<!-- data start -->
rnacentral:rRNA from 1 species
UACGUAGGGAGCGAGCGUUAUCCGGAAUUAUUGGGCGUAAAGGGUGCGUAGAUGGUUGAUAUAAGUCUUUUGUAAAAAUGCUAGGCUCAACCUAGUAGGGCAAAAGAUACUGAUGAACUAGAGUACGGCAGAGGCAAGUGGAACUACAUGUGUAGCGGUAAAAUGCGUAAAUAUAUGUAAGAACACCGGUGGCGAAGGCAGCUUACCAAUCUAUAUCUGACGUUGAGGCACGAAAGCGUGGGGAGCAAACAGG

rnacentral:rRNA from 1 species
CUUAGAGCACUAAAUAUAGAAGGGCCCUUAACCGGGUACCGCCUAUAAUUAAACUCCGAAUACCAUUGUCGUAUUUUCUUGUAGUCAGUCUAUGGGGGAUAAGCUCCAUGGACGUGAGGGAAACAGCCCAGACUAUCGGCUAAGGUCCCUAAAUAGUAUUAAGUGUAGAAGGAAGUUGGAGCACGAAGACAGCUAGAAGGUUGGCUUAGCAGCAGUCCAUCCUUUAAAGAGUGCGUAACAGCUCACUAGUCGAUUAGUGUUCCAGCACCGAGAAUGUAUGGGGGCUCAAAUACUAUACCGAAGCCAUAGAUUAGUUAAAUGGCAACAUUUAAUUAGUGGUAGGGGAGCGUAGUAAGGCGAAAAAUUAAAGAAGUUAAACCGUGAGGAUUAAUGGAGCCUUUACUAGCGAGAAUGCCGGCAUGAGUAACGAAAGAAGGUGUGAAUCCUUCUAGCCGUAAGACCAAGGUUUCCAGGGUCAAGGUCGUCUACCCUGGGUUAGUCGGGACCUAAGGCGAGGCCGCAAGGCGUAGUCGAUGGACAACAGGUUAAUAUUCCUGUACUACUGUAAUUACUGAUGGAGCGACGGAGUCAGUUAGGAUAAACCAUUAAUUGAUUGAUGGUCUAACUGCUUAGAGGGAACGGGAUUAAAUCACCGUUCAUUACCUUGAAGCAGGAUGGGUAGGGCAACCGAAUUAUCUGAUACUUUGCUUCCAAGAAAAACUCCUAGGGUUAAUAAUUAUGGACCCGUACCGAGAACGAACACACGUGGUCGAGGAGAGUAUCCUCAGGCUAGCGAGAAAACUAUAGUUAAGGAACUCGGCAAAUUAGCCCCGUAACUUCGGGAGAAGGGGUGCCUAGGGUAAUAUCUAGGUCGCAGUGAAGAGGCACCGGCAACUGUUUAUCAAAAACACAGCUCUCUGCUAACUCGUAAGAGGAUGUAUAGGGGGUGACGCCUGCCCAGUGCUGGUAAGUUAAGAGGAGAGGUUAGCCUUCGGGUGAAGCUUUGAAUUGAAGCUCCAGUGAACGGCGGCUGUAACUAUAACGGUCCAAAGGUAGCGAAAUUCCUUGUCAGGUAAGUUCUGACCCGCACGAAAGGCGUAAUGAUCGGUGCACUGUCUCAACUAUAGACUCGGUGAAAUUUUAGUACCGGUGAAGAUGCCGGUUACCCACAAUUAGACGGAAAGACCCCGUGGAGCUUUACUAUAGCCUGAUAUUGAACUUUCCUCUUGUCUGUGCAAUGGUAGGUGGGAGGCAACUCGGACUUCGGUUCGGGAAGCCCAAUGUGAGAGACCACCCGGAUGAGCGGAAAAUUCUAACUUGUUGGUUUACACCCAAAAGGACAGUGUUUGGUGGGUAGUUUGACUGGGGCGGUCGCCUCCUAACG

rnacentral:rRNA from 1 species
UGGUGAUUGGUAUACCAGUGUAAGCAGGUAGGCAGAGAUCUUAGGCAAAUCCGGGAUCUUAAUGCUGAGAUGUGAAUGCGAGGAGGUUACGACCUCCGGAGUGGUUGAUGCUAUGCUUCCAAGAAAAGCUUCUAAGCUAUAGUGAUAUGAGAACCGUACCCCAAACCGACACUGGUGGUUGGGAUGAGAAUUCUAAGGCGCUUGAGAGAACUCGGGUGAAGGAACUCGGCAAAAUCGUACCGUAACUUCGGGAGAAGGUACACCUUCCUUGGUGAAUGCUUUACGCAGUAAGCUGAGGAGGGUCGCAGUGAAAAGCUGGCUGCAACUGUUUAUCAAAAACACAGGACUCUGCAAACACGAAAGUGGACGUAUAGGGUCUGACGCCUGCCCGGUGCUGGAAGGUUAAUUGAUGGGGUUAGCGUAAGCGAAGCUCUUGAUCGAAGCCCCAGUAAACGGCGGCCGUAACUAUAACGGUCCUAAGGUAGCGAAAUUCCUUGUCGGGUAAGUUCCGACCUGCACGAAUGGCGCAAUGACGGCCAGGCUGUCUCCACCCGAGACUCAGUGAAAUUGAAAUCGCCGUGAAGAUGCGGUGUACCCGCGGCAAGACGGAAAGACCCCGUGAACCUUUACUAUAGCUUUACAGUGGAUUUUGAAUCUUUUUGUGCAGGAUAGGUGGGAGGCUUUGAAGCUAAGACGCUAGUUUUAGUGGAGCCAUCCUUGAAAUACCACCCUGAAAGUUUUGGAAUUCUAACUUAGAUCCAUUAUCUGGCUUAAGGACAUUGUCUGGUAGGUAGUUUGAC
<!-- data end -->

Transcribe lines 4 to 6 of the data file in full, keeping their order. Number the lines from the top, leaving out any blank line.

CUUAGAGCACUAAAUAUAGAAGGGCCCUUAACCGGGUACCGCCUAUAAUUAAACUCCGAAUACCAUUGUCGUAUUUUCUUGUAGUCAGUCUAUGGGGGAUAAGCUCCAUGGACGUGAGGGAAACAGCCCAGACUAUCGGCUAAGGUCCCUAAAUAGUAUUAAGUGUAGAAGGAAGUUGGAGCACGAAGACAGCUAGAAGGUUGGCUUAGCAGCAGUCCAUCCUUUAAAGAGUGCGUAACAGCUCACUAGUCGAUUAGUGUUCCAGCACCGAGAAUGUAUGGGGGCUCAAAUACUAUACCGAAGCCAUAGAUUAGUUAAAUGGCAACAUUUAAUUAGUGGUAGGGGAGCGUAGUAAGGCGAAAAAUUAAAGAAGUUAAACCGUGAGGAUUAAUGGAGCCUUUACUAGCGAGAAUGCCGGCAUGAGUAACGAAAGAAGGUGUGAAUCCUUCUAGCCGUAAGACCAAGGUUUCCAGGGUCAAGGUCGUCUACCCUGGGUUAGUCGGGACCUAAGGCGAGGCCGCAAGGCGUAGUCGAUGGACAACAGGUUAAUAUUCCUGUACUACUGUAAUUACUGAUGGAGCGACGGAGUCAGUUAGGAUAAACCAUUAAUUGAUUGAUGGUCUAACUGCUUAGAGGGAACGGGAUUAAAUCACCGUUCAUUACCUUGAAGCAGGAUGGGUAGGGCAACCGAAUUAUCUGAUACUUUGCUUCCAAGAAAAACUCCUAGGGUUAAUAAUUAUGGACCCGUACCGAGAACGAACACACGUGGUCGAGGAGAGUAUCCUCAGGCUAGCGAGAAAACUAUAGUUAAGGAACUCGGCAAAUUAGCCCCGUAACUUCGGGAGAAGGGGUGCCUAGGGUAAUAUCUAGGUCGCAGUGAAGAGGCACCGGCAACUGUUUAUCAAAAACACAGCUCUCUGCUAACUCGUAAGAGGAUGUAUAGGGGGUGACGCCUGCCCAGUGCUGGUAAGUUAAGAGGAGAGGUUAGCCUUCGGGUGAAGCUUUGAAUUGAAGCUCCAGUGAACGGCGGCUGUAACUAUAACGGUCCAAAGGUAGCGAAAUUCCUUGUCAGGUAAGUUCUGACCCGCACGAAAGGCGUAAUGAUCGGUGCACUGUCUCAACUAUAGACUCGGUGAAAUUUUAGUACCGGUGAAGAUGCCGGUUACCCACAAUUAGACGGAAAGACCCCGUGGAGCUUUACUAUAGCCUGAUAUUGAACUUUCCUCUUGUCUGUGCAAUGGUAGGUGGGAGGCAACUCGGACUUCGGUUCGGGAAGCCCAAUGUGAGAGACCACCCGGAUGAGCGGAAAAUUCUAACUUGUUGGUUUACACCCAAAAGGACAGUGUUUGGUGGGUAGUUUGACUGGGGCGGUCGCCUCCUAACG

rnacentral:rRNA from 1 species
UGGUGAUUGGUAUACCAGUGUAAGCAGGUAGGCAGAGAUCUUAGGCAAAUCCGGGAUCUUAAUGCUGAGAUGUGAAUGCGAGGAGGUUACGACCUCCGGAGUGGUUGAUGCUAUGCUUCCAAGAAAAGCUUCUAAGCUAUAGUGAUAUGAGAACCGUACCCCAAACCGACACUGGUGGUUGGGAUGAGAAUUCUAAGGCGCUUGAGAGAACUCGGGUGAAGGAACUCGGCAAAAUCGUACCGUAACUUCGGGAGAAGGUACACCUUCCUUGGUGAAUGCUUUACGCAGUAAGCUGAGGAGGGUCGCAGUGAAAAGCUGGCUGCAACUGUUUAUCAAAAACACAGGACUCUGCAAACACGAAAGUGGACGUAUAGGGUCUGACGCCUGCCCGGUGCUGGAAGGUUAAUUGAUGGGGUUAGCGUAAGCGAAGCUCUUGAUCGAAGCCCCAGUAAACGGCGGCCGUAACUAUAACGGUCCUAAGGUAGCGAAAUUCCUUGUCGGGUAAGUUCCGACCUGCACGAAUGGCGCAAUGACGGCCAGGCUGUCUCCACCCGAGACUCAGUGAAAUUGAAAUCGCCGUGAAGAUGCGGUGUACCCGCGGCAAGACGGAAAGACCCCGUGAACCUUUACUAUAGCUUUACAGUGGAUUUUGAAUCUUUUUGUGCAGGAUAGGUGGGAGGCUUUGAAGCUAAGACGCUAGUUUUAGUGGAGCCAUCCUUGAAAUACCACCCUGAAAGUUUUGGAAUUCUAACUUAGAUCCAUUAUCUGGCUUAAGGACAUUGUCUGGUAGGUAGUUUGAC